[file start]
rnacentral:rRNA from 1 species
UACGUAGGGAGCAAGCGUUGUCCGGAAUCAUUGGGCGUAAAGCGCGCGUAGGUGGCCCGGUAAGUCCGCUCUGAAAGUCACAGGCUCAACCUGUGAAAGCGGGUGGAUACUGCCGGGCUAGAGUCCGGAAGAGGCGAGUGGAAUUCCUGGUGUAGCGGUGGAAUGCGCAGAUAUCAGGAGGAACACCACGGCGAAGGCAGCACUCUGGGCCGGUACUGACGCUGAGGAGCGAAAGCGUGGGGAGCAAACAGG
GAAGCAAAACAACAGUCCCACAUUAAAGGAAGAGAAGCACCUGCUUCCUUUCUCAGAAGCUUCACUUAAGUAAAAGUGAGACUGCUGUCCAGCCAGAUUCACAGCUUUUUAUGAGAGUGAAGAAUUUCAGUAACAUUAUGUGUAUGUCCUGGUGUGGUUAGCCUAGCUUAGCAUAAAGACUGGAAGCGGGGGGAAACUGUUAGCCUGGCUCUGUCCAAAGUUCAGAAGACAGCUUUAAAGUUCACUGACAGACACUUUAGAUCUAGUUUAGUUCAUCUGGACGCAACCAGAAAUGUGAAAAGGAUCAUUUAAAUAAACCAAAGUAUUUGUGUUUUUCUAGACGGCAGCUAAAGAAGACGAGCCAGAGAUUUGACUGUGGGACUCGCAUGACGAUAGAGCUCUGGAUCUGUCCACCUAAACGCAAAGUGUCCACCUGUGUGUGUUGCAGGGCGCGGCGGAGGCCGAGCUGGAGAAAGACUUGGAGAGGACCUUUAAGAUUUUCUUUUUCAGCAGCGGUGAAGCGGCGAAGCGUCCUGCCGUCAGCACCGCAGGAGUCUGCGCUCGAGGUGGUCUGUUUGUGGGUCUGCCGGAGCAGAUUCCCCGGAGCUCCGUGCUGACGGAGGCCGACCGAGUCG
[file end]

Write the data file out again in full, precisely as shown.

rnacentral:rRNA from 1 species
UACGUAGGGAGCAAGCGUUGUCCGGAAUCAUUGGGCGUAAAGCGCGCGUAGGUGGCCCGGUAAGUCCGCUCUGAAAGUCACAGGCUCAACCUGUGAAAGCGGGUGGAUACUGCCGGGCUAGAGUCCGGAAGAGGCGAGUGGAAUUCCUGGUGUAGCGGUGGAAUGCGCAGAUAUCAGGAGGAACACCACGGCGAAGGCAGCACUCUGGGCCGGUACUGACGCUGAGGAGCGAAAGCGUGGGGAGCAAACAGG
GAAGCAAAACAACAGUCCCACAUUAAAGGAAGAGAAGCACCUGCUUCCUUUCUCAGAAGCUUCACUUAAGUAAAAGUGAGACUGCUGUCCAGCCAGAUUCACAGCUUUUUAUGAGAGUGAAGAAUUUCAGUAACAUUAUGUGUAUGUCCUGGUGUGGUUAGCCUAGCUUAGCAUAAAGACUGGAAGCGGGGGGAAACUGUUAGCCUGGCUCUGUCCAAAGUUCAGAAGACAGCUUUAAAGUUCACUGACAGACACUUUAGAUCUAGUUUAGUUCAUCUGGACGCAACCAGAAAUGUGAAAAGGAUCAUUUAAAUAAACCAAAGUAUUUGUGUUUUUCUAGACGGCAGCUAAAGAAGACGAGCCAGAGAUUUGACUGUGGGACUCGCAUGACGAUAGAGCUCUGGAUCUGUCCACCUAAACGCAAAGUGUCCACCUGUGUGUGUUGCAGGGCGCGGCGGAGGCCGAGCUGGAGAAAGACUUGGAGAGGACCUUUAAGAUUUUCUUUUUCAGCAGCGGUGAAGCGGCGAAGCGUCCUGCCGUCAGCACCGCAGGAGUCUGCGCUCGAGGUGGUCUGUUUGUGGGUCUGCCGGAGCAGAUUCCCCGGAGCUCCGUGCUGACGGAGGCCGACCGAGUCG